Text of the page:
Lisbon Day Trip: See the Oldest Cork Tree in the World

So there we were, driving from Lisbon down to the Algarve. Two of our kids were passed out in the backseat—they fell asleep minutes after we left the city—and I was researching where to stop for lunch. ⁠Spotting a cork tree, was literally the furthest thing from my mind. But that’s the joy of road trips: the unexpected discoveries.

When in Lisbon, get out of town and see the oldest cork tree in the world just 45 minutes from the city.

About thirty minutes outside of Lisbon I noticed the trees around us looked a little funky: they almost looked “shaved” halfway down their trunks.⁠

I didn’t think much of it and went back to scouting out a place for lunch along the coast.

And then it clicked. A trickle of info I read when preparing for this trip came back to me all of a sudden: we were driving through Portugal’s Alentejo region, aka “Cork Country.”⁠

Welcome to Cork Country

I immediately ditched lunch plans and started reading about cork trees. It turns out that Cork trees are harvested every nine years and each tree produces around 100 pounds of cork from each stripping.

That’s when I came across an article about The Whistler Tree—aka, the oldest-producing cork tree in the world. The Whistler Tree was planted in 1783 and has been going strong ever since.

Seriously, there’s even a Guinness Book of World Records entry for it and everything. During its last harvest recorded in 2009, The Whistler Tree produced 825 kg (1,818 pounds) of raw cork.

Friends. That’s enough cork to seal up 100,000 wine bottles. For perspective, the average cork tree yields enough cork for 4,000 bottles.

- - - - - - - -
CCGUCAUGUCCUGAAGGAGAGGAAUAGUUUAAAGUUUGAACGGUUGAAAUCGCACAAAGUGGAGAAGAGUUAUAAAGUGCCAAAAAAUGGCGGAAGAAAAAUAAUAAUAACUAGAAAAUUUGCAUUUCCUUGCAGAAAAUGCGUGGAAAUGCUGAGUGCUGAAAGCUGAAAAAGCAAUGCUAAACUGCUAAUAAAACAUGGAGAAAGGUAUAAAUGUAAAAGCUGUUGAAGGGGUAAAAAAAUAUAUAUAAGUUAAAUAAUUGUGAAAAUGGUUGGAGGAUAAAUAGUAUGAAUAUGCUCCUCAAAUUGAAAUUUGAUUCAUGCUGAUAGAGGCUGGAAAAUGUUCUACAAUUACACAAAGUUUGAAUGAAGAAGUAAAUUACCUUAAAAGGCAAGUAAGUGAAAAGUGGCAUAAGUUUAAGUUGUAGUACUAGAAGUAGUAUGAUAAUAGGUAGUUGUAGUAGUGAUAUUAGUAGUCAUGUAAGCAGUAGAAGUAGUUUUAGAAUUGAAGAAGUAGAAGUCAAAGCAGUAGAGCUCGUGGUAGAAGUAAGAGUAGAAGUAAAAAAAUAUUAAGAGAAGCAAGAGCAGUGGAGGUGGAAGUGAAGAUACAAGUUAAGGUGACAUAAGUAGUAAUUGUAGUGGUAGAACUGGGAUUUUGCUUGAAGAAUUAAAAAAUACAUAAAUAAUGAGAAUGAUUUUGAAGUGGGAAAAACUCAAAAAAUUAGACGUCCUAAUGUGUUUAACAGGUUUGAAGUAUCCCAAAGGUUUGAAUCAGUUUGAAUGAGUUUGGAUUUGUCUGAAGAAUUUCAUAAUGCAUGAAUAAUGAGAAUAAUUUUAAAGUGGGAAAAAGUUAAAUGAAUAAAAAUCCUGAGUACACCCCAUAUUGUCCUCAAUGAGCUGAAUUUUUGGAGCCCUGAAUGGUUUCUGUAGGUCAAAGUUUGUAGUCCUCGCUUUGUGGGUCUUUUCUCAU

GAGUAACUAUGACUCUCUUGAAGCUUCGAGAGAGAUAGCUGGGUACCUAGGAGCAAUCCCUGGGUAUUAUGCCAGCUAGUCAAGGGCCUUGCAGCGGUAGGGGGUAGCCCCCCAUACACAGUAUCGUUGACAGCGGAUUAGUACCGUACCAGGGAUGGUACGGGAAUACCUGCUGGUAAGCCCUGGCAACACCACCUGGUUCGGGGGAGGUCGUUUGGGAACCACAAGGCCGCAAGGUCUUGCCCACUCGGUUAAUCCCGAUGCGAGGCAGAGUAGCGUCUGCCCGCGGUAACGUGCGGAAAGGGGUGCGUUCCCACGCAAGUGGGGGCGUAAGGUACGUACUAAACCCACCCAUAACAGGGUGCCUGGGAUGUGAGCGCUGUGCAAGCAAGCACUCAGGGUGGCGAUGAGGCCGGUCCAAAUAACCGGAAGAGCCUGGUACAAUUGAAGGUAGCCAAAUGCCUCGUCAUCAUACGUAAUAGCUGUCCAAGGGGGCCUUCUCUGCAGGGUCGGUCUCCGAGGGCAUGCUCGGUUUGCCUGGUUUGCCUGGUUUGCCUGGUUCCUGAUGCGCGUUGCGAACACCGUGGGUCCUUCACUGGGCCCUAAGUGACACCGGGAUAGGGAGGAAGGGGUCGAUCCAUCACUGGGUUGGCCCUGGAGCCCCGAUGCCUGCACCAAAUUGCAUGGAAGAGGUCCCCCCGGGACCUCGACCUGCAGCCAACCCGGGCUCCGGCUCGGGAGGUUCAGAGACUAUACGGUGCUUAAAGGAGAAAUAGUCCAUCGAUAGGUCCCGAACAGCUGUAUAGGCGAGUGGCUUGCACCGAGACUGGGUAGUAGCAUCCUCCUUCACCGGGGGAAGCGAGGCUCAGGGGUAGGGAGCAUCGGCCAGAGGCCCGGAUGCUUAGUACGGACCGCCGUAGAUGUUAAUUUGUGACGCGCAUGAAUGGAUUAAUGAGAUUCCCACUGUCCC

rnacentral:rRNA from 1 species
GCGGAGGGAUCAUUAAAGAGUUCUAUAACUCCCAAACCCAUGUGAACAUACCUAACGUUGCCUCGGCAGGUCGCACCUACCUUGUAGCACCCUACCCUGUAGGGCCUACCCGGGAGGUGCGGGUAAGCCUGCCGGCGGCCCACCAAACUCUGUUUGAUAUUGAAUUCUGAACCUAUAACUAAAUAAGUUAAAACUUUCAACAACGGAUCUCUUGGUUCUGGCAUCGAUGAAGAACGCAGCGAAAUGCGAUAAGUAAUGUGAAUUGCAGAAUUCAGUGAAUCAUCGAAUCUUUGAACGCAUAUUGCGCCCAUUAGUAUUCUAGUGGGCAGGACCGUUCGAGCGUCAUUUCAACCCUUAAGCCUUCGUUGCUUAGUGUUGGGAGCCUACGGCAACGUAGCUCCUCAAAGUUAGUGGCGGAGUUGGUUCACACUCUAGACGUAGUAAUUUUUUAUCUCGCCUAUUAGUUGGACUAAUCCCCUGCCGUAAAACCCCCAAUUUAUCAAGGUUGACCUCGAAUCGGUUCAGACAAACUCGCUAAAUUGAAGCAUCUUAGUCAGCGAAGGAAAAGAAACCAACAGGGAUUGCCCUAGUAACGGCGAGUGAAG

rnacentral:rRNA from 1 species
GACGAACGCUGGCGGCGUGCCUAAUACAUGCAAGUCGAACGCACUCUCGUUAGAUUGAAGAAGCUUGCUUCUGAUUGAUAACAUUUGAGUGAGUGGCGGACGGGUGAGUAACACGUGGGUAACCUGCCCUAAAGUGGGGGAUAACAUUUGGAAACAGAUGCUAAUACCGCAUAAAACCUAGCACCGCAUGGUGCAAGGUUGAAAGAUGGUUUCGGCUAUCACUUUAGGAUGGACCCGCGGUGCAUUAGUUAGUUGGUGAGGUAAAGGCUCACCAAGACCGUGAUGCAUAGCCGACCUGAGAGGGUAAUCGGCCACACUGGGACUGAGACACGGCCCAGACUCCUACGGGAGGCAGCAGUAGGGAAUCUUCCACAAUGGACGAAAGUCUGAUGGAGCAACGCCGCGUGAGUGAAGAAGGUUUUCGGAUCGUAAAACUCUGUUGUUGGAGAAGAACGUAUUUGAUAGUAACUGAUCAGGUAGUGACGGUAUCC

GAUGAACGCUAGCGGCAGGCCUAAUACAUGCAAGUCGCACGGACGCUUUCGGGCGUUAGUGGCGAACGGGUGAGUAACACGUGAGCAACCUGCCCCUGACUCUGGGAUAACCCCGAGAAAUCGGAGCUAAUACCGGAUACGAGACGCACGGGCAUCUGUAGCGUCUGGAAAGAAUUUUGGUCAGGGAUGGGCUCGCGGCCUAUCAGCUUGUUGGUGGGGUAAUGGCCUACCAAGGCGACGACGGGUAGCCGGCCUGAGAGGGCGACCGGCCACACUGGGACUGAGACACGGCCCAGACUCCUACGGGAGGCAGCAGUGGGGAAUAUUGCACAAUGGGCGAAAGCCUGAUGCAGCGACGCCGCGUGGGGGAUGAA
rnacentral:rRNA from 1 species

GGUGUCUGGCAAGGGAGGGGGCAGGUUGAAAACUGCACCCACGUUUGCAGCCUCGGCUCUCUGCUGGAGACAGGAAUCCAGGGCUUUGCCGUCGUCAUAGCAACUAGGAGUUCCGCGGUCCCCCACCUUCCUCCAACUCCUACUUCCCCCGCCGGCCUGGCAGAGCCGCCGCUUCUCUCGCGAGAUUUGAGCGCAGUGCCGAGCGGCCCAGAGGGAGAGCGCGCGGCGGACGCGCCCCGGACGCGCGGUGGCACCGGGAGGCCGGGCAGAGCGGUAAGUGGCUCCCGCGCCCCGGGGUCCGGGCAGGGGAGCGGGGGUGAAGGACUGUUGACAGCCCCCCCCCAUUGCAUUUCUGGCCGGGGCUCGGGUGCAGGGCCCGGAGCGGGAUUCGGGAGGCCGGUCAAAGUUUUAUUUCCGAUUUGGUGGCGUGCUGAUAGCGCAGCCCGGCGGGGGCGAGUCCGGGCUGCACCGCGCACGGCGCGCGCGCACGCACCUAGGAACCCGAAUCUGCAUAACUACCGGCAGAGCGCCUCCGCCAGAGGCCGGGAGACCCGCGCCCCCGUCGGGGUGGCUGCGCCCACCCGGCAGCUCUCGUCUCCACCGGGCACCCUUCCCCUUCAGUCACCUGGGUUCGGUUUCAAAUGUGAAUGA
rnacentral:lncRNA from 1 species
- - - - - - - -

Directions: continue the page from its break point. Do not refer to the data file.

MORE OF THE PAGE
“How cool,” I thought to myself, “I wonder if we could actually find that tree out here.”

The Whistler Tree is the oldest cork tree in the world

Finding the Oldest Cork Tree

Then I did as any good navigator with a data plan does on a road trip: I googled the Whistler Tree to see where it was located.

And then I let out a little yelp. ⁠(Emphasis on “little,” because there were still two sleeping kids in the back seat.)

The tree was LITERALLY 3 minutes ahead of us on the left. ⁠

In fact, it took so long to pull up the dang directions (we were kinda in the middle of nowhere) that we actually had to make a U-turn and circle back to it.⁠

The timing was absolutely perfect, and I was shocked that we randomly stumbled on this incredible find. ⁠

We got out of the car (plus an extra kid who woke up from my excitement), and the four of us walked up to check out the magnificent tree.

There were no ropes, no signs, and no other people around. It was just us and this giant cork tree living its best life.

After a few photos, we hopped back in the car and continued on our way. Oh, and our middle kid slept through the entire thing. Classic.

Hugging the oldest cork tree in the world.

This was just another small part of our trip to Spain and Portugal that reminded us why we love road trips so much. (See our other fun detour during the same trip here.)

Why We Love Road Trips

The unexpected destinations and things you can see simply can’t be beaten. Not only that, but I definitely haven’t looked at cork the same way ever since we drove through the Alentejo area.

If you find yourself in Portugal with extra time on your hands, I highly encourage you to take a day trip from Lisbon to check out the cork trees. I wish I had some personal photos to show you (I was too busy geeking out and reading about the trees to take pictures of them), but they were really, really neat.


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One Comment

  1. What a wonderful post you made. We’re visiting EU for a couple months and we’re currently in Portugal. Although I’ve already planned out this trip, it will be interesting to see and discover the places you and your family visit that I may include on a future visit with my husband

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